By  on August 17, 2014

Shares of Dillard’s Inc.’s slid 8.2 percent on Friday, the most of any of the 100 international stocks on the WWD Global Stock Tracker, after the department store missed earnings estimates and reported declines in second-quarter sales, profits and margins.

Dillard’s cited weakness in home and furniture as it disclosed a lower-than-expected 1 percent increase in same-store sales. Juniors and children’s apparel performed best, followed by men’s apparel and accessories.

In the 13 weeks ended Aug. 2, net income contracted 5.5 percent to $34.5 million, or 80 cents a diluted share, from $36.5 million, or 79 cents, in the year-ago quarter. The earnings per share figure was 6 cents below the 86-cent profit anticipated, on average, by analysts.

The reported EPS figure and consensus estimate were identical to those of Macy’s Inc., which reported higher quarterly profits last Wednesday despite its earnings “miss.”

Net sales, including those of the firm’s construction business, declined 3.7 percent to $1.47 billion from $1.48 billion in the year-ago quarter, while merchandise sales ticked up 0.1 percent to $1.46 billion.

“Although our 1 percent comparable-store sales increase led to a profitable quarter, we are somewhat disappointed in the bottom-line performance,” said William Dillard 2nd, chief executive officer. “We are pleased with our inventory management during the quarter and with our ending inventory position.”

Investors’ eyes were drawn to the company’s 33-basis-point decline in retail gross margin, the specific percentage of which wasn’t provided, and 20-basis-point decline in consolidated gross margin. Increased markdowns were the principal cause of the decline in margins, the Little Rock, Ark.-based firm said. Margin pressures have been a common denominator among the larger retailers, which have so far reported second-quarter results, and contributed to the 8.2 percent decline in Dillard’s stock, to $106.11, on Friday.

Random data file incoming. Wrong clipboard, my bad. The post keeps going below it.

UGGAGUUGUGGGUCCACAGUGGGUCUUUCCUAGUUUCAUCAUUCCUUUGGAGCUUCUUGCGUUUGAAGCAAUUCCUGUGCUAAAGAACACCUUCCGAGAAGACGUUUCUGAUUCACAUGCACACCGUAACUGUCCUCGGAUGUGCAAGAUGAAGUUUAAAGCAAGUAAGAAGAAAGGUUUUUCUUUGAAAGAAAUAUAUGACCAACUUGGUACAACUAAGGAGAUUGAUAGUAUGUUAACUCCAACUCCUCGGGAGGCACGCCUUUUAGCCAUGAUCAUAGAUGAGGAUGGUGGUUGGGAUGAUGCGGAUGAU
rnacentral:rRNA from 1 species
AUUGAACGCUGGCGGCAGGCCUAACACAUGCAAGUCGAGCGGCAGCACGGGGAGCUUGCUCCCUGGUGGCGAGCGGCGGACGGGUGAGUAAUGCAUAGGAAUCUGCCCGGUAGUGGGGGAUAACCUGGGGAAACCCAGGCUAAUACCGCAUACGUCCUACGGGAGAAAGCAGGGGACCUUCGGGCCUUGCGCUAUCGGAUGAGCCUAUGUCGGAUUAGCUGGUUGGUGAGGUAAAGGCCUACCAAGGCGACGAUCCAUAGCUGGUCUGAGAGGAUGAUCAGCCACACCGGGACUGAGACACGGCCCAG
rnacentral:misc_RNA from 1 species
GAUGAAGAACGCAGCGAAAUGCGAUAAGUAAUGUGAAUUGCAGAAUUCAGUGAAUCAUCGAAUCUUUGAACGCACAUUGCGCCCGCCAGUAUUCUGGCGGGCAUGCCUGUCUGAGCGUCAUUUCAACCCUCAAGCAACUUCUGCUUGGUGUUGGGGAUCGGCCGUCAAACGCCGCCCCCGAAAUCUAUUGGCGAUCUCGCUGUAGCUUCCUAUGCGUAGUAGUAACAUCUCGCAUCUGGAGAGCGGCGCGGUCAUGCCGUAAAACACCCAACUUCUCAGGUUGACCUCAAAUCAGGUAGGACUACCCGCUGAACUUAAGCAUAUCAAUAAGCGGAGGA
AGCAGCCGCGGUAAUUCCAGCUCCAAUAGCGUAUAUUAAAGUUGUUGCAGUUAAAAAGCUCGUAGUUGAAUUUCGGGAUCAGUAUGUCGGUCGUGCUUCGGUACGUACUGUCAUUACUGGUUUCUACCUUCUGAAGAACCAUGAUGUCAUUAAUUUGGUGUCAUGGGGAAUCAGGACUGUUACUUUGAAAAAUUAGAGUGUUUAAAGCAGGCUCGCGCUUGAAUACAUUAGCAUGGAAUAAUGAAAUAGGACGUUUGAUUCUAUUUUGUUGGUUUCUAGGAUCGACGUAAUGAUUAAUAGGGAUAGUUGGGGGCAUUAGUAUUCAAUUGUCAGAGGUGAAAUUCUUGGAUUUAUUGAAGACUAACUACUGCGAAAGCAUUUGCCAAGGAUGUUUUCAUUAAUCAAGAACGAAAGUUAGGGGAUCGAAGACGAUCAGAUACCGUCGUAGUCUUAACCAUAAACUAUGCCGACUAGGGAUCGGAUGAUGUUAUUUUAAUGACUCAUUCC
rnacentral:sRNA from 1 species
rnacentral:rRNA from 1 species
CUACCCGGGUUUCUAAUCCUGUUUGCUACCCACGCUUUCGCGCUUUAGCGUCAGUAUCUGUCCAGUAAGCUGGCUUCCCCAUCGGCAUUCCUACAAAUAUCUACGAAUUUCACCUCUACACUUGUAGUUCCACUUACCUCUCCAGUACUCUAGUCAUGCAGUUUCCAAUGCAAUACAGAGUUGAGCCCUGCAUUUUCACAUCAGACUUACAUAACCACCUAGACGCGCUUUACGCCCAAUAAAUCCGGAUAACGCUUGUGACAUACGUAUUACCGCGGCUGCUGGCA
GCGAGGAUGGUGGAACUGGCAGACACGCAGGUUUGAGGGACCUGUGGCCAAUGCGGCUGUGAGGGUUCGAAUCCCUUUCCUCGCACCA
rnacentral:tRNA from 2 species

Inventories at the end of the quarter were $1.43 billion, 2.1 percent below the year-ago level.

In the first half, the firm, which operates 278 department stores and 18 clearance centers in 29 states, saw net income decline 4.9 percent to $146.1 million, or $3.36 a diluted share, as revenues declined 0.2 percent to $3.1 billion.

J.P. Morgan analyst Matthew Boss noted that Dillard’s has managed its inventory well and benefitted from the addition of desirable brands such as Under Armour, Vera Bradley and Michael Kors, helping to expand its average ticket, and in turn same-store sales, over the past two years.

However, he identified “negative traffic” as “an increased concern as the branded cycle moves into the later innings.” He also noted that gross margin could be at further risk and that, with Dillard’s so far not invested to the same extent as its department store peers in omnichannel retailing, future spending could elevate selling, general and administrative costs and constrain operating profits.

Citi analyst Oliver Chen maintained his “neutral” rating on the stock and stuck to his price target of $110.

“We’re pleased to see DDS has a clean inventory position going into back-to-school and holiday, which should insulate [it] from some of the promotional environment,” he wrote in a note to clients, adding that the softness in Dillard’s home business might be attributable to improvements in J.C. Penney Co. Inc.’s home business.

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